Williams disappointed in result, not approach

Williams disappointed in result, not approach

Williams disappointed in result, not approach
CLEVELAND -- The reason for the White Sox demise over the past two weeks was put into very simple terms by general manager Ken Williams during Wednesday's season-ending interview with the media.

"We didn't win enough games, so we're going home," said Williams, sitting in the visitors' dugout at Progressive Field. "Bottom line."

But even with the team fading badly at the finish line, Williams' praise for the consistent approach from manager Robin Ventura's staff and the players has been unwavering. That day-by-day focus made the season more than palatable, despite the rough ending.

"From Day 1, Robin and I have talked about what our mission was, what kind of team, what kind of effort, what kind of fundamental baseball club we wanted," Williams said. "That message was communicated by Robin and his coaching staff through Spring Training.

"I can't say enough about these guys for their effort and commitment to it because it's one thing to talk about it, 'Let's do this, let's do that, pay greater attention to fundamentals of the game, infield practice and extra hitting and all these things.' But once you leave Spring Training, a lot of times, some of those things fall to the wayside.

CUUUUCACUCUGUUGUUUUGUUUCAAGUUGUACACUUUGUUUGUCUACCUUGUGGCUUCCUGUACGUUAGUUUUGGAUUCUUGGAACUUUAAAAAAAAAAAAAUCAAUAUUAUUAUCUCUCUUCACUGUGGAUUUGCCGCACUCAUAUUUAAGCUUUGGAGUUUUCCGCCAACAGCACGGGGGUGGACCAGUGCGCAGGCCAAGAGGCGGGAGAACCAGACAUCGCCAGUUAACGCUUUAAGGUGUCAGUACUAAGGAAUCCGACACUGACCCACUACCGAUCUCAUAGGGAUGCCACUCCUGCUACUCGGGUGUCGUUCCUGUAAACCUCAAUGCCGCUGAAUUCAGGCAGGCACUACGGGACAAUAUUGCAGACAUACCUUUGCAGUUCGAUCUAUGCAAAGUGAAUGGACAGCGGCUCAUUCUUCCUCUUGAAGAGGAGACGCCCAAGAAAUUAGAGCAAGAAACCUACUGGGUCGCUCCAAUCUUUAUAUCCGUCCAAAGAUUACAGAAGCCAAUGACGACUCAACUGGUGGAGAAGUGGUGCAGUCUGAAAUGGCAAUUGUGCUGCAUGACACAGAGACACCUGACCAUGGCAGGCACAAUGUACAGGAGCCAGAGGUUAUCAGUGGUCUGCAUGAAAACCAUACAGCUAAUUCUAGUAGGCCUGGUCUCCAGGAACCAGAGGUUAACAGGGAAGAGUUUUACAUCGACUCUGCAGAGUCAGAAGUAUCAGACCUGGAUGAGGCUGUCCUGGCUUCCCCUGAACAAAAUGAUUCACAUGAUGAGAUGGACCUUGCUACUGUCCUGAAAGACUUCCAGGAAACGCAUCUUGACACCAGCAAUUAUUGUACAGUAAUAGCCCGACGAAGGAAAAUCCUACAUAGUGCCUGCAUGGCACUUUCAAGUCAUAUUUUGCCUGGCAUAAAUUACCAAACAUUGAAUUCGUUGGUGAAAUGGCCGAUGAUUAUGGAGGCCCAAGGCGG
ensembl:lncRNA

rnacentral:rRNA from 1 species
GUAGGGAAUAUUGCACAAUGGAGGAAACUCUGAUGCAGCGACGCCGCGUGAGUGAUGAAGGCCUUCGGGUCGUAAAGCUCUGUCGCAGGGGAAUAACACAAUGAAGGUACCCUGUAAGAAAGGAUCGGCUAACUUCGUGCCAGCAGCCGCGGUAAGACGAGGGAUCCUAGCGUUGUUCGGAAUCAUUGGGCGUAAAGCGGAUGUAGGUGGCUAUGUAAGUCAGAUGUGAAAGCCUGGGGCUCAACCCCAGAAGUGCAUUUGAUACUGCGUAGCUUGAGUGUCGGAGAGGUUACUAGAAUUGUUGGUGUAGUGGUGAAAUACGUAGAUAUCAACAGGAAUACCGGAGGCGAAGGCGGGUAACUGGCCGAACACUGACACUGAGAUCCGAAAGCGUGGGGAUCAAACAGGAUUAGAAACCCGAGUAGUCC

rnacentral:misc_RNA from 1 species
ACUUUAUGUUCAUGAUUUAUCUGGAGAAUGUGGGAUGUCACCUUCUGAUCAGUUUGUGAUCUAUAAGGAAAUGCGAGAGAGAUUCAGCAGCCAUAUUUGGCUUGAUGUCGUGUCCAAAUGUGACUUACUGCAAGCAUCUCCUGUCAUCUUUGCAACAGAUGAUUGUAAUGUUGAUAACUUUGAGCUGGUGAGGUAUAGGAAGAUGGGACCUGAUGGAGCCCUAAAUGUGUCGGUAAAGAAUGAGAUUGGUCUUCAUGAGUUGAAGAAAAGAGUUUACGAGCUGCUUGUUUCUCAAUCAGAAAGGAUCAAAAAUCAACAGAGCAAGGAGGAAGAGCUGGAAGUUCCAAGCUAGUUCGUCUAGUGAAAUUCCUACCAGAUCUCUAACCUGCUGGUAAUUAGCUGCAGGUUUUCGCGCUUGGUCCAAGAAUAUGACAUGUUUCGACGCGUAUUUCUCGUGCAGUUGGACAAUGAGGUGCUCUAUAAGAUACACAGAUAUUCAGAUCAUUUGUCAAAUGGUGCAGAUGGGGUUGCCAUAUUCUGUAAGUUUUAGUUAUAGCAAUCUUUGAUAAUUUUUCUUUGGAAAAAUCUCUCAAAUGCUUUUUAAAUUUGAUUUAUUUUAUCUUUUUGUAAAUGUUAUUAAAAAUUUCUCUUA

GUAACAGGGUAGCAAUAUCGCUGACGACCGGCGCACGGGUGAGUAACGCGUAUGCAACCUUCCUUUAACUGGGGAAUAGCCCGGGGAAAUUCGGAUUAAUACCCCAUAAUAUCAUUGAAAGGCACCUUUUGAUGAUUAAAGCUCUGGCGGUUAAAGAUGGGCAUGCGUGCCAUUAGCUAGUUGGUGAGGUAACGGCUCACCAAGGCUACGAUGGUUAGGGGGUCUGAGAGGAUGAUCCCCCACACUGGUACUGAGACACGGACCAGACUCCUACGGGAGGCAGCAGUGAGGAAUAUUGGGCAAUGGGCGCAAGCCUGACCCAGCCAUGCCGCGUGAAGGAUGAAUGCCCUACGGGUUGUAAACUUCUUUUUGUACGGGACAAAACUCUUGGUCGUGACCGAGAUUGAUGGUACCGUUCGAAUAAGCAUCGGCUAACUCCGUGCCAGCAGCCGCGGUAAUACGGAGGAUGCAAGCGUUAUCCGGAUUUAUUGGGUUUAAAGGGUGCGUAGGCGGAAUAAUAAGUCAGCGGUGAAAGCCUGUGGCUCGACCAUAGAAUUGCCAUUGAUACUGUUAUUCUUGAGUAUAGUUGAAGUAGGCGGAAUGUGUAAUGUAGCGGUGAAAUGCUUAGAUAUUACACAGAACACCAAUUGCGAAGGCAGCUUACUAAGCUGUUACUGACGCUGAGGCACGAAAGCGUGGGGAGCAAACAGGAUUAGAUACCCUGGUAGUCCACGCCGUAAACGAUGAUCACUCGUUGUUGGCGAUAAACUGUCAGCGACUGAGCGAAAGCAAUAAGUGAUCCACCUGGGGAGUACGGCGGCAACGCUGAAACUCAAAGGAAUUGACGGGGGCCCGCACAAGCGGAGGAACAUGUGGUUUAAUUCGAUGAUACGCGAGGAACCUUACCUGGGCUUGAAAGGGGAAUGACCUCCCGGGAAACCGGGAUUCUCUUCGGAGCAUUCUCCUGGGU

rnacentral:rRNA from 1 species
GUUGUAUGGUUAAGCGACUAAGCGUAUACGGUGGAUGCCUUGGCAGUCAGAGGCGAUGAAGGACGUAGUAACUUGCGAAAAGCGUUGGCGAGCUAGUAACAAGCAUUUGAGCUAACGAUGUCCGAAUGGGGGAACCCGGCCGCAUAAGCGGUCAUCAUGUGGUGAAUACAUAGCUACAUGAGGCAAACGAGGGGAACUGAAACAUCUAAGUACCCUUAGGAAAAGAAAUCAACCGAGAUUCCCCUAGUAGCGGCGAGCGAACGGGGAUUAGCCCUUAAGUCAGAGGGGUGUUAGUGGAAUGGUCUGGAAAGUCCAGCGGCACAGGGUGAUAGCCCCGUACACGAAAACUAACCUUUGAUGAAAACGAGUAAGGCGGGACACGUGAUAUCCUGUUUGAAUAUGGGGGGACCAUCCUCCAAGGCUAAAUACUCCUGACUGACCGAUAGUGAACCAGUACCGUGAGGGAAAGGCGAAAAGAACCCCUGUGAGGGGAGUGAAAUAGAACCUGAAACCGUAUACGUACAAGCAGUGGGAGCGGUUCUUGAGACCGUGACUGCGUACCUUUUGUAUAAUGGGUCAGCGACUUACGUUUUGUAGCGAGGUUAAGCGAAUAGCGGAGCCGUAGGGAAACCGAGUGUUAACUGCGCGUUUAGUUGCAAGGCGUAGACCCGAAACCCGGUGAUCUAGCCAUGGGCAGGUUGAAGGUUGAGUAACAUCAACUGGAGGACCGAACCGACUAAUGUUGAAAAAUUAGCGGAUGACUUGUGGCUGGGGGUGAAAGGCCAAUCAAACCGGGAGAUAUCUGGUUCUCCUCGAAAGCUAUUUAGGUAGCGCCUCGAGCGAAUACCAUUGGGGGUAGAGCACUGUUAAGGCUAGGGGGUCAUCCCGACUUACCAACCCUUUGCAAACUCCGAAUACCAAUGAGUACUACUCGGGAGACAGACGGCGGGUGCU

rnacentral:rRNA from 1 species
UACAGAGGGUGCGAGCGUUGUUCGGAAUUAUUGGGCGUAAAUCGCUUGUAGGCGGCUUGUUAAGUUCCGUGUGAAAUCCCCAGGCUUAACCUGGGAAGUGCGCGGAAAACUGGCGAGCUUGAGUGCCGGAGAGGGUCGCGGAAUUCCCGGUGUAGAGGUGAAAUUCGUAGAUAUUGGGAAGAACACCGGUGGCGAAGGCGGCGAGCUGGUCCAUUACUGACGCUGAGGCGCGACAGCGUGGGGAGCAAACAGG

"Not with this group," Williams said. "So I can sit here and only be so disappointed in us for not closing this thing out because if there is such a thing as losing the right way, this group did."

Losing the right way was not part of the White Sox two-pronged focus of contending while developing young talent, which they did achieve in 2012. So why did they come up short, despite holding a three-game lead over the Tigers as late as Sept. 18?

Williams would like to point to the team's reliance on youth or the season-ending injury to John Danks and the other maladies sidelining important cogs for extended periods as excuses. But the fact of the matter is the White Sox slipped on their road trip to Kansas City and Anaheim and never could right themselves.

"All we had to do was take care of business and we wouldn't be sitting here in this position," Williams said. "We would be getting prepared for the playoffs and prepared for what I think would have been a successful playoff. It's ironic that I think we match up against the playoff teams that are out there a little bit better than we have the past few teams we've played.

"It is what it is and you got to play your whole schedule. No excuses. And none needed because they literally gave everything they could. We got a lot of growth in our young players. They stepped up admirably -- better than that -- because no one gave them much credit coming out of Spring Training or faith except us internally.

"Often times, that's not enough to propel a young player to success and they took the bull by the horns and really competed," Williams said. "Not just competed but competed as a competitor all year and they can only grow from that. Some of our veterans stepped up and did what they've done most of their careers."